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Backgrounding margins can disappear in a hurry

What looks like a healthy profit 
might actually be razor thin

calves in a holding pen
Reading Time: 2 minutes

Add up all the costs when backgrounding, says a farm business management specialist.

“At this time of year the profitability of backgrounding calves also comes into question,” said Ted Nibourg. “Focusing on just the feed costs can give the impression that backgrounding will be economically feasible this fall. While feed costs are a major part of any production system, they are certainly not the only ones.”

For example, consider the costs of taking six-weight steers to eight-weights. Steers in central Alberta averaging 650 pounds have recently sold for an average of $1,710 ($263/cwt) and 850-pound steers for $2,066 ($243/cwt). Assuming the price hold, the profit potential is $356 per head before expenses.

Assuming it takes 20 pounds of feed to generate two pounds of gain per day, feed costs over a 100-day period will be about $200 (six pounds of barley and 14 pounds of hay at an average of 10 cents per pound).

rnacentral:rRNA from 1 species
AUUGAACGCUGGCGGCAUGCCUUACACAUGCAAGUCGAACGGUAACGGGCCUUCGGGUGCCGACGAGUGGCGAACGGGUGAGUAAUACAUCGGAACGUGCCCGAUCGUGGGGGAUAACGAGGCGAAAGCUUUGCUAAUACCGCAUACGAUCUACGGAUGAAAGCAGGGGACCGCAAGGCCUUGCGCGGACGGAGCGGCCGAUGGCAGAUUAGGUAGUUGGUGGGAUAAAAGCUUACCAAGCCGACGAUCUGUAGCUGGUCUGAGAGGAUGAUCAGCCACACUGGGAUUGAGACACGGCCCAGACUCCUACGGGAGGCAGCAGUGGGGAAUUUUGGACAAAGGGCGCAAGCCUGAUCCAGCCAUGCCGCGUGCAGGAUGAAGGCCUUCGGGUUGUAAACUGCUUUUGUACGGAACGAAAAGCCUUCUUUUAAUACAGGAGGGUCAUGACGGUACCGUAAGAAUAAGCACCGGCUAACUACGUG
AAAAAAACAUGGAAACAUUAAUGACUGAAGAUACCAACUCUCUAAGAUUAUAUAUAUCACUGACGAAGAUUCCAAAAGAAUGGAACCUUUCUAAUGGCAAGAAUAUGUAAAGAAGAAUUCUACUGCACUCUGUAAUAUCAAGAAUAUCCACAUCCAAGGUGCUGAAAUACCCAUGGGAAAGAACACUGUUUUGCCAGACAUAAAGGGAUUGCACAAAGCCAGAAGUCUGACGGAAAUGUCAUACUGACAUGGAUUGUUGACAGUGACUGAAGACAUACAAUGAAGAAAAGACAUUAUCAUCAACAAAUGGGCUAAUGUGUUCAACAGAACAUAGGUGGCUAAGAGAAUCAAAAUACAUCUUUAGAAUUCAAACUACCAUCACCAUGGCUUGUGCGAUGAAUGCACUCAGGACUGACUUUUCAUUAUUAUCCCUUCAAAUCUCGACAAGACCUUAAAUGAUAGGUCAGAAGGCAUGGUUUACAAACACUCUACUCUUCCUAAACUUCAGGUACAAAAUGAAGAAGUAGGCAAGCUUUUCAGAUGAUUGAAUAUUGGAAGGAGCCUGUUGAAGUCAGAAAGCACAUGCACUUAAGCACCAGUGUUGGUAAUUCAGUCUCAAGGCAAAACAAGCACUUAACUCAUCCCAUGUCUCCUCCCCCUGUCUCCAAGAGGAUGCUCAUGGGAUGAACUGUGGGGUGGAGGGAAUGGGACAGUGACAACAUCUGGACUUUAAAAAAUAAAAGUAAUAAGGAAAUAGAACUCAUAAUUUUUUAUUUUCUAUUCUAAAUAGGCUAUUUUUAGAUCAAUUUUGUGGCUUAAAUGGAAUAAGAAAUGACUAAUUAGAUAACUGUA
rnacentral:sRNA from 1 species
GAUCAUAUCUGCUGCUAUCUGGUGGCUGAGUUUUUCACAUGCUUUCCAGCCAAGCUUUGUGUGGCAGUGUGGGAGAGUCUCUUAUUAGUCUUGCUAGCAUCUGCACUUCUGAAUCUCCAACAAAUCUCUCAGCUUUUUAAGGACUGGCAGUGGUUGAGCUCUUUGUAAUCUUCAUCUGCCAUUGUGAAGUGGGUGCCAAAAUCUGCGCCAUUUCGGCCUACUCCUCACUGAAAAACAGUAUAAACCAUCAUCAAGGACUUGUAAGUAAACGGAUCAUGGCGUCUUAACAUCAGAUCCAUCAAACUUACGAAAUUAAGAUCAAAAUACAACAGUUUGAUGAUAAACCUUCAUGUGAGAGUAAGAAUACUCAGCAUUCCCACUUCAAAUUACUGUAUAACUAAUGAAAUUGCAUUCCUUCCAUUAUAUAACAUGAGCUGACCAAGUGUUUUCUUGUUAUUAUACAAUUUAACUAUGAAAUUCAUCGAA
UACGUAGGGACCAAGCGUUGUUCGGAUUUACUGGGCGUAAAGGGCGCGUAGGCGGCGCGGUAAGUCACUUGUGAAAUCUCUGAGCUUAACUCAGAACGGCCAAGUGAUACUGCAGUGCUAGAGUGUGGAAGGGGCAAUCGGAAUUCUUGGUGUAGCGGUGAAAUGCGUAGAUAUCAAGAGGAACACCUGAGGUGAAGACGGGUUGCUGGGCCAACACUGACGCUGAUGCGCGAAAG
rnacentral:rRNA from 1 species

“If feed is the only cost considered, this leaves a healthy profit even with strong hay prices,” said Nibourg. “However, other costs also come into play.”

Yardage at 50 cents per day will total $50 per head; a one per cent death loss adds $17; carrying costs add $23; commissions $22; and trucking, checkoffs and brand inspection another $14.

“Total expenses add up to about $326 leaving a $30 margin,” said Nibourg, adding that margin depends on the price for eight-weight steers staying at $243/cwt.

“Risk management is a cost that is difficult to calculate,” he said. “As of Oct. 15, the Western Livestock Price Insurance Program (WLPIP) for feeders will guarantee a price of only $208/cwt for a premium cost of $54/head, leaving a negative $24/head margin if one chooses to go that route.

“Basically, the WLPIP will only mitigate a price wreck and should not be looked upon as a profit centre in this scenario.”

Knowing your costs is the best way to manage them, said Nibourg.

“There may be ways of reducing or even eliminating some costs to help generate profit or, alternatively, decide not to participate in a money-losing proposition.”

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